The Probate of Tony Hsieh – A Cautionary Tale

If you fail to plan, you are planning to fail!”  Benjamin Franklin

The untimely death of Tony Hsieh, the 47-year-old Zappos founder, is a tragic and cautionary tale for anyone considering the benefits of a thoughtful and comprehensive estate/asset protection plan.

Hsieh’s life was a whirlwind. His parents were Taiwanese immigrants who came to the United States chasing the elusive American Dream and a better life for their children.  And their dream seemed to come true when Hsieh, after graduating from Harvard, founded and sold a string of successful ventures, culminating in the sale of Zappos to Amazon for $1.2B.

But like so many others who achieve the “greatness” of vast wealth and fame, Hsieh’s dream quickly became a nightmare when he died last November in a tragic accident. At the time of his death, his net worth was estimated to be just shy of $1B.  And he had plans to commit much of his wealth to improving the lives of others. Sadly, his plans may never come true.

Hsieh died intestate – meaning he didn’t even have a will, much less a sophisticated estate/asset protection plan.  His “planning” consisted of a wall covered with sticky notes scribbled with details of different deals, assets and plans for those assets. And while many of us are amazed by this lack of foresight from a billionaire tech tycoon, it’s actually not uncommon. According to a recent Gallup Poll, only 40% of American adults have a will.  Most of us don’t want to think about death – it’s sad and depressing.  So we avoid it and focus on fun and living, which is great until tragedy strikes.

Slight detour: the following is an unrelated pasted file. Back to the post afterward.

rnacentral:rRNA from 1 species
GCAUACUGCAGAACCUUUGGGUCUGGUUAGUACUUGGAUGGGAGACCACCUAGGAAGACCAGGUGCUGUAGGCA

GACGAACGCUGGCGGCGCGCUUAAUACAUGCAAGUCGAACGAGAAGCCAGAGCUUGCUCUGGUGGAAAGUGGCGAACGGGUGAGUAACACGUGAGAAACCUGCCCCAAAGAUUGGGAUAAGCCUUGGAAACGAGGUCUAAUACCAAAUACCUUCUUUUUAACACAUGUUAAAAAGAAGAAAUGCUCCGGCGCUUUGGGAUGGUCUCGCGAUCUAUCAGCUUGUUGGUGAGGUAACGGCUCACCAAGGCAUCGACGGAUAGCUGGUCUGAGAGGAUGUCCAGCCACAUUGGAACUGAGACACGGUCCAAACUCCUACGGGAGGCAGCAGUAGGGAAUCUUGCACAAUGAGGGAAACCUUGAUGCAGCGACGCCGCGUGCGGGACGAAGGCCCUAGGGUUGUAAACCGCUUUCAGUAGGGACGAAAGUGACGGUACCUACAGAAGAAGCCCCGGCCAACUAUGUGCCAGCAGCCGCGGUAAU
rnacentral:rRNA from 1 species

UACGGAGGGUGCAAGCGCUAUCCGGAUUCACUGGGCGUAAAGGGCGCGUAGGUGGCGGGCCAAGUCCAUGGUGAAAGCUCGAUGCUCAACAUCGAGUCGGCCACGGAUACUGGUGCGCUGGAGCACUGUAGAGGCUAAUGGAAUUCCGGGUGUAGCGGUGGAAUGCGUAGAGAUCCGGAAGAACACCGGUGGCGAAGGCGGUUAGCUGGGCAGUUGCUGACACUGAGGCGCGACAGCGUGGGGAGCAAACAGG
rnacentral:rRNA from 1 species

Without a comprehensive trust and tax mitigation plan in place, all of Hsieh’s assets will go through probate and be subject to estate tax – a devastating double whammy.  Probate is time-consuming, public and expensive, and it will eat up $100M or more of Hsieh’s estate after factoring in all of the related fees and costs.  In addition, current estates in excess of $11.7M are subject to a 40% federal estate tax, which could easily consume another $300-400M of Hsieh’s assets, assuming his heirs are able to locate and claim all of his assets without any inventory or guidance. Anything they do discover will be exposed to the media and the public, leading to a never-ending parade of scams and frivolous lawsuits that may end up wasting substantially more time and money than the half billion dollars lost to probate and taxes.

And one of the saddest parts of this story is that Hsieh’s heirs and philanthropic causes might have benefited from the hundreds of millions of dollars that will now go to the government, lawyers, and courts if he had spent a few bucks on estate and tax planning. While most of us don’t have to worry about wasting $500M+ in estate taxes and probate, everyone can benefit from an effective estate plan that avoids probate and mitigates potential tax exposure. Maybe Hsieh’s story will motivate others to take action now, and his tragedy will ultimately help improve people’s lives as a very unintended consequence.

There has never been a better time to create or fine tune your estate plans. The Estate Planning and Asset Protection groups at Johnson Fistel can help clients at all levels protect and preserve their wealth (and dreams) for their families and future generations.

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